5. Even so, the learned counsel maintains that the inclusion of the excise duty in the price of liquor is repugnant to the decision of the Supreme Court in McDowell & Company Ltd. v. Commercial Tax Officer  39 S.T.C. 151 (S.C.) (Civil Appeals Nos. 248 to 251 of 1976 dated 25th October, 1976), wherein it was held that the excise duty and the countervailing duty paid directly by the buyers of the Indian liquors did not constitute as part of the turnover of the appellant. We fail to see how this second category in respect of which only 25 paise in the rupee is payable includes by itself the duty of excise as part of the turnover. What all the second category states is if by virtue of the provisions of the A. P. Excise Act, 1968, the duty of excise is included in the consideration for the sale or purchase of the liquor, then the reduced rate of tax would be leviable. The present amendment does not even purport to include the excise duty in the turnover. If any provisions of the A. P. Excise Act provides for inclusion of the excise duty in the turnover, then as per the above mentioned Supreme Court decision, it may be bad. But there is not even a suggestion of it in the amendment which has been effected and which is now challenged before us. Therefore, we cannot accept the contention of Sri Ramachandra Rao that the category of liquors in respect of Clause (b) of the amendment is contrary to the principle laid down by the Supreme Court.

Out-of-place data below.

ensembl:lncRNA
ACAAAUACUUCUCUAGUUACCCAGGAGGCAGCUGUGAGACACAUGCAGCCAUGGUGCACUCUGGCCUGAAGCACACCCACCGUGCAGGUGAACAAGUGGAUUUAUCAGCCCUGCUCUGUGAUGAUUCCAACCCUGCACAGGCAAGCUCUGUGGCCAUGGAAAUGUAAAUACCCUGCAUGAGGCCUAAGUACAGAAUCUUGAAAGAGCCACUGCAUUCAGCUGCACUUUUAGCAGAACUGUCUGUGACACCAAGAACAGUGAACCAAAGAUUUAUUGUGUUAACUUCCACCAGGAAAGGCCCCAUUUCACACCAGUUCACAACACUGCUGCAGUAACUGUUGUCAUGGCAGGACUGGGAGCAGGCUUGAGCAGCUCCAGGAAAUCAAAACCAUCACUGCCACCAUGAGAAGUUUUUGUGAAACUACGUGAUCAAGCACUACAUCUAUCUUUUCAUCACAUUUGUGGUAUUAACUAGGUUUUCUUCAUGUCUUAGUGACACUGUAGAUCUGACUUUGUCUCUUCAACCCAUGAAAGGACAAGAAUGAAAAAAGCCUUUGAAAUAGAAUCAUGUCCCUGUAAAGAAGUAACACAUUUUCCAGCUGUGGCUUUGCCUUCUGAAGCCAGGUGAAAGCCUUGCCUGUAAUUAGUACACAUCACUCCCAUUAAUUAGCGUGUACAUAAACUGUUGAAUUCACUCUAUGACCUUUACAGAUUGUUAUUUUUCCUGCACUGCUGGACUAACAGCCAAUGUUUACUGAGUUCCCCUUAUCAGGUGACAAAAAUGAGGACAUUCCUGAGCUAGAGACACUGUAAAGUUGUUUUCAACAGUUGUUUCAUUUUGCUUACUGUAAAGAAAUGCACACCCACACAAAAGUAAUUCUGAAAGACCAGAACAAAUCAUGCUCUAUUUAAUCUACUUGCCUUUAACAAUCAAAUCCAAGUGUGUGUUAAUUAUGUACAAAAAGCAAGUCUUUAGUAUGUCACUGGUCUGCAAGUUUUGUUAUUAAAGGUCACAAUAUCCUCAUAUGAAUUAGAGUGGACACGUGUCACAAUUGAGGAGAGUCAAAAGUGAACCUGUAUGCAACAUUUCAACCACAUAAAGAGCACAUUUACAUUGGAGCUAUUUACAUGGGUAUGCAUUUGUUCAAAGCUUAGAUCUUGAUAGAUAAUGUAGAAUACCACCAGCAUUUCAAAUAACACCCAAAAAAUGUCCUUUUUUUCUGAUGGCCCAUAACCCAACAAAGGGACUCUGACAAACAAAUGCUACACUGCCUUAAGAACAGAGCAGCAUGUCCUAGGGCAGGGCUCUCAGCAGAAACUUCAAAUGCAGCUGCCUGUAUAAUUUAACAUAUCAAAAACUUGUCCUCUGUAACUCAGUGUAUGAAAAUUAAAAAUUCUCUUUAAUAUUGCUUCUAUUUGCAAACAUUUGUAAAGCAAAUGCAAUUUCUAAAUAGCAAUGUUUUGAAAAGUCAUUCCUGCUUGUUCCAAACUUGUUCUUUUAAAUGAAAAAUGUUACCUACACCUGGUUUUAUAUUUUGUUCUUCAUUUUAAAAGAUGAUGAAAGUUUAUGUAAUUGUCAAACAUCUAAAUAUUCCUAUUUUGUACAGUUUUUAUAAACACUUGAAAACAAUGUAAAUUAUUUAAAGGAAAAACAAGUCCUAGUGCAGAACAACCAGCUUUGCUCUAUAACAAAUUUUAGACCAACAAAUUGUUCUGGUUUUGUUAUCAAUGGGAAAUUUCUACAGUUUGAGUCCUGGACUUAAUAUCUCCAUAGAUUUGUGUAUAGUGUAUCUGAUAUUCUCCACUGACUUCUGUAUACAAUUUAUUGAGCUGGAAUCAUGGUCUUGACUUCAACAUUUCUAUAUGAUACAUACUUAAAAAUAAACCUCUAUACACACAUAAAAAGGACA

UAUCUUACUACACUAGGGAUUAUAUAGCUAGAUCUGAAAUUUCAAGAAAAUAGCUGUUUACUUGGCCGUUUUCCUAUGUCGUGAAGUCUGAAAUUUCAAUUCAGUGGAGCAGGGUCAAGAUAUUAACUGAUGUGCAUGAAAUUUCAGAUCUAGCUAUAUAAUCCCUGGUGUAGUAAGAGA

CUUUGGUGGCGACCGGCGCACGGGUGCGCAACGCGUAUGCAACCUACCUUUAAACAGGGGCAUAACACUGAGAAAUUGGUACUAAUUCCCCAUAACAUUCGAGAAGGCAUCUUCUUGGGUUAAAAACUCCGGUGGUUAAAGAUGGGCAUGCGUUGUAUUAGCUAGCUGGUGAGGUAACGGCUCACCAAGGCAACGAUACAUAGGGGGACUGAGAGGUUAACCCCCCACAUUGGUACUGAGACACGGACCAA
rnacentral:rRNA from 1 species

6. The learned counsel also maintains that though the amendment has not introduced this forbidden system directly, it has done so in a colourable indirect manner. Once again we cannot accept this submission. If the excise duty has been paid as per the Andhra Pradesh Excise Act and is included in the consideration for the sale, the dealer gets the benefit by paying reduced duty. Therefore, there is no colourable exercise of the power.
7. For these reasons, we see no force in this writ petition. It is accordingly dismissed.
8. W. P. M. P. No. 1321 of 1978 : Since the writ petition itself is dismissed there cannot be any question of granting stay. The stay petition is accordingly dismissed.
9. Sri P. R. Ramachandra Rao makes an oral request for granting a certificate to enable his client to appeal to the Supreme Court. We are clear in our mind that there is no substance in the writ petition and we are therefore unable to certify that this is a case which deserves consideration by the Supreme Court. Consequently, the request is rejected.